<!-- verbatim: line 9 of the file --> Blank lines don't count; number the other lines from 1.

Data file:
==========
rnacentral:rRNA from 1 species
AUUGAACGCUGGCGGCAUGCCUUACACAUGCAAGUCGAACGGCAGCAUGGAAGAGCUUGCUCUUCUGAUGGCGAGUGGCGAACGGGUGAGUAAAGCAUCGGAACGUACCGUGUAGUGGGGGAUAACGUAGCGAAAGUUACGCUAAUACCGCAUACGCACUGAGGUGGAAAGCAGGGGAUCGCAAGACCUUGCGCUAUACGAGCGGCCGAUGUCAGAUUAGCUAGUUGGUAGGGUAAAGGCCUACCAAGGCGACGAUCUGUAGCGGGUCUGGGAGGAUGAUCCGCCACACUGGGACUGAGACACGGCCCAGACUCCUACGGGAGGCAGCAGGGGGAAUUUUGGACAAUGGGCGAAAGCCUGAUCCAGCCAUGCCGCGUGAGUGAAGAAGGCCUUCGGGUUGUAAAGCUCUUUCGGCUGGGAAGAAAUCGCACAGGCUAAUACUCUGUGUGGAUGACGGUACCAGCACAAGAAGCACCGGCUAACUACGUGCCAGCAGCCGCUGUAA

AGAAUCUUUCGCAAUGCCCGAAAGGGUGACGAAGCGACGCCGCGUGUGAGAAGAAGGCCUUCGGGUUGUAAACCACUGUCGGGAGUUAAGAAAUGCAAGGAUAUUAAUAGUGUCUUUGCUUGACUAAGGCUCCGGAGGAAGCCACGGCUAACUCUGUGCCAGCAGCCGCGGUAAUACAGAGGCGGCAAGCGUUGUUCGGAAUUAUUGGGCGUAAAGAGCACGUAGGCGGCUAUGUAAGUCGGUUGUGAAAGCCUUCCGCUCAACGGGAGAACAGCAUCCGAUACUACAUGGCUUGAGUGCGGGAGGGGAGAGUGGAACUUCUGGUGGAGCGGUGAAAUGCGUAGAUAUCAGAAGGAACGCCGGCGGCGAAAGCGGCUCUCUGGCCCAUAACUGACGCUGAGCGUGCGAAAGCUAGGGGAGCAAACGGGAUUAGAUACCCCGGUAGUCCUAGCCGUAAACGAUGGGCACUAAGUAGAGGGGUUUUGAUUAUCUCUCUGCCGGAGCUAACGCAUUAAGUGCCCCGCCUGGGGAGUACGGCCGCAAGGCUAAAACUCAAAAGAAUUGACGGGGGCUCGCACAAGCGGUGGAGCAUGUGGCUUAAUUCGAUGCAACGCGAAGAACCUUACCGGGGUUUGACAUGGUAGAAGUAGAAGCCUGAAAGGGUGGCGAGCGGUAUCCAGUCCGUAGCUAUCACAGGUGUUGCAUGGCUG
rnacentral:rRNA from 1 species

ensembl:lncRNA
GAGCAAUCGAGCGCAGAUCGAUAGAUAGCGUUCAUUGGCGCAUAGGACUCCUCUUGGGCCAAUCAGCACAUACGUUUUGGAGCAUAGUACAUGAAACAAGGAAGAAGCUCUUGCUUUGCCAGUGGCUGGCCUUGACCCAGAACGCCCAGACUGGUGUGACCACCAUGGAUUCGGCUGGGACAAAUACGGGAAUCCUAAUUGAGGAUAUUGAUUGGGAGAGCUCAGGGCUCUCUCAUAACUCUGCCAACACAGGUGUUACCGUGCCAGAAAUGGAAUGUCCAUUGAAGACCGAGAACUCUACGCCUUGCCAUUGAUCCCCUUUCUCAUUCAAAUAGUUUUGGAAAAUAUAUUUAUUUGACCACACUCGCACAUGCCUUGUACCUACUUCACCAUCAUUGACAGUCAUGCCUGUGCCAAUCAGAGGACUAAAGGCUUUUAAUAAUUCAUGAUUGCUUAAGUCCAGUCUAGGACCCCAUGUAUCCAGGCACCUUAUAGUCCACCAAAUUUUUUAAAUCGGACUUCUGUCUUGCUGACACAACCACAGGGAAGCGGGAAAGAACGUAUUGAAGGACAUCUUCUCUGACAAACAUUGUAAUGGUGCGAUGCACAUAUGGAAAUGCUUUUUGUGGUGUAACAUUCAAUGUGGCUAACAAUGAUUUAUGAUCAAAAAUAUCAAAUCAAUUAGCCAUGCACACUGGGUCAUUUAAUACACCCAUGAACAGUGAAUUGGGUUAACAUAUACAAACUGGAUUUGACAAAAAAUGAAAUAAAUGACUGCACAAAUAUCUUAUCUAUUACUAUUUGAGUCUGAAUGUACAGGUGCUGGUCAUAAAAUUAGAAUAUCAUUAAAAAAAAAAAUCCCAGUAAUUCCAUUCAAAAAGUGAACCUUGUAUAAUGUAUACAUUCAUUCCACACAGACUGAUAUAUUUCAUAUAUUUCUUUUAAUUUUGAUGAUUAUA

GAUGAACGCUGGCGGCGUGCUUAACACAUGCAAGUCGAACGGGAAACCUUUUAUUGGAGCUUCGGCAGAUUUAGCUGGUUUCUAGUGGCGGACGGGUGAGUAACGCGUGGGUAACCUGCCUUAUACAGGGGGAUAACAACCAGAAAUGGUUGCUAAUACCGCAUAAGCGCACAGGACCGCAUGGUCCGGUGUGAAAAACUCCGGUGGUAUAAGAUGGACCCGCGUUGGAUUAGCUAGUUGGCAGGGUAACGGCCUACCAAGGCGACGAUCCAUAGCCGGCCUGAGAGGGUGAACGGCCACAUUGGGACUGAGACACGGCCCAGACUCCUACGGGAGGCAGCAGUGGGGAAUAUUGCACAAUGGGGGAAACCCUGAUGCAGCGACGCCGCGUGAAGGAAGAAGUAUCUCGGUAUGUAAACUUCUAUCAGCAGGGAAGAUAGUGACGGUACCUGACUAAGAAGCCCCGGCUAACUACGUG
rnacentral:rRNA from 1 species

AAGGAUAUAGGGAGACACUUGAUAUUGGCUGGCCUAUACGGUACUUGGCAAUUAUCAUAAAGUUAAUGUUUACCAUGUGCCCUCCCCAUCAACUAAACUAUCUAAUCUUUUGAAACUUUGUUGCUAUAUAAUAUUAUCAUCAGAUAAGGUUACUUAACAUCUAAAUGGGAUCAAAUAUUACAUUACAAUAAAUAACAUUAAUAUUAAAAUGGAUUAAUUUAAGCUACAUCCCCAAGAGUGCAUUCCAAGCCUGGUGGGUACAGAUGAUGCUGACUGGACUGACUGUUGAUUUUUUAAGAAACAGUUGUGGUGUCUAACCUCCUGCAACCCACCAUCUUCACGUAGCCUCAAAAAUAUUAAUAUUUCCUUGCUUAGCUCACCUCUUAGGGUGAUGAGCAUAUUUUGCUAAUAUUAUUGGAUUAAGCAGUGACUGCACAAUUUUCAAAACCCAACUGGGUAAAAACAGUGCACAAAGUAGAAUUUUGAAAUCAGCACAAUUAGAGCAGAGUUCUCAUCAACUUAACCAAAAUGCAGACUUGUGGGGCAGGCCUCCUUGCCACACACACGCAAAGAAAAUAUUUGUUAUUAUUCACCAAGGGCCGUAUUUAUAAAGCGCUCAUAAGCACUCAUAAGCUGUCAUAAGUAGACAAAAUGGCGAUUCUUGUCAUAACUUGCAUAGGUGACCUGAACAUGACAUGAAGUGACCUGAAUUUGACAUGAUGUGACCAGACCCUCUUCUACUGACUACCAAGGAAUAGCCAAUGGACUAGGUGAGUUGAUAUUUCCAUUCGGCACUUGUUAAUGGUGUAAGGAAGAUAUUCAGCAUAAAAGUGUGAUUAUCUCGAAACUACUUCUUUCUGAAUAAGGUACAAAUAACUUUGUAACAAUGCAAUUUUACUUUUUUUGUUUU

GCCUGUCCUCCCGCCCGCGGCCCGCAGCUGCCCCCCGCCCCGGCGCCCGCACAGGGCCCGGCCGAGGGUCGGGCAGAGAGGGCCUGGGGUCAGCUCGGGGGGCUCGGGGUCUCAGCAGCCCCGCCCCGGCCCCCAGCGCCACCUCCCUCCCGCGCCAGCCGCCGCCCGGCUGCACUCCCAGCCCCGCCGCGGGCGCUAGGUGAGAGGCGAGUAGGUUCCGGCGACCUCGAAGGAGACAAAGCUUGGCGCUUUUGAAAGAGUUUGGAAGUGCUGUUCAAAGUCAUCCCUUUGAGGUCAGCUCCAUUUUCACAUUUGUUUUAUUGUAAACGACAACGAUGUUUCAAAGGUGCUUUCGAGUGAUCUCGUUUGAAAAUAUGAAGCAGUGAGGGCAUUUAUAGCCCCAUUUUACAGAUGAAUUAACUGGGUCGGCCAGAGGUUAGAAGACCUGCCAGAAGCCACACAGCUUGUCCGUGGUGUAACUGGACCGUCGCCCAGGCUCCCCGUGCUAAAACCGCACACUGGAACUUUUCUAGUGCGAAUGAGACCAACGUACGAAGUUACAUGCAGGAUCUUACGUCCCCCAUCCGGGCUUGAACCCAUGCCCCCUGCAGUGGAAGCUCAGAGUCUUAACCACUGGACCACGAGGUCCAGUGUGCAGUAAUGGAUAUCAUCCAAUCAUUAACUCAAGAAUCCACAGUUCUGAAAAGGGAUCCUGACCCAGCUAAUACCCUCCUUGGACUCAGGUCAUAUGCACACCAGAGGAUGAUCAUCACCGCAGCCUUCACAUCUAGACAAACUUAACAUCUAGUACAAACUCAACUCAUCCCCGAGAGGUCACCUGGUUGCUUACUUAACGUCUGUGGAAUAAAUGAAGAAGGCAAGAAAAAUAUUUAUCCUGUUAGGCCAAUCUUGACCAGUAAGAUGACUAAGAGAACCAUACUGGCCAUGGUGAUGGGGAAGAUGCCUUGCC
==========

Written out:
AAGGAUAUAGGGAGACACUUGAUAUUGGCUGGCCUAUACGGUACUUGGCAAUUAUCAUAAAGUUAAUGUUUACCAUGUGCCCUCCCCAUCAACUAAACUAUCUAAUCUUUUGAAACUUUGUUGCUAUAUAAUAUUAUCAUCAGAUAAGGUUACUUAACAUCUAAAUGGGAUCAAAUAUUACAUUACAAUAAAUAACAUUAAUAUUAAAAUGGAUUAAUUUAAGCUACAUCCCCAAGAGUGCAUUCCAAGCCUGGUGGGUACAGAUGAUGCUGACUGGACUGACUGUUGAUUUUUUAAGAAACAGUUGUGGUGUCUAACCUCCUGCAACCCACCAUCUUCACGUAGCCUCAAAAAUAUUAAUAUUUCCUUGCUUAGCUCACCUCUUAGGGUGAUGAGCAUAUUUUGCUAAUAUUAUUGGAUUAAGCAGUGACUGCACAAUUUUCAAAACCCAACUGGGUAAAAACAGUGCACAAAGUAGAAUUUUGAAAUCAGCACAAUUAGAGCAGAGUUCUCAUCAACUUAACCAAAAUGCAGACUUGUGGGGCAGGCCUCCUUGCCACACACACGCAAAGAAAAUAUUUGUUAUUAUUCACCAAGGGCCGUAUUUAUAAAGCGCUCAUAAGCACUCAUAAGCUGUCAUAAGUAGACAAAAUGGCGAUUCUUGUCAUAACUUGCAUAGGUGACCUGAACAUGACAUGAAGUGACCUGAAUUUGACAUGAUGUGACCAGACCCUCUUCUACUGACUACCAAGGAAUAGCCAAUGGACUAGGUGAGUUGAUAUUUCCAUUCGGCACUUGUUAAUGGUGUAAGGAAGAUAUUCAGCAUAAAAGUGUGAUUAUCUCGAAACUACUUCUUUCUGAAUAAGGUACAAAUAACUUUGUAACAAUGCAAUUUUACUUUUUUUGUUUU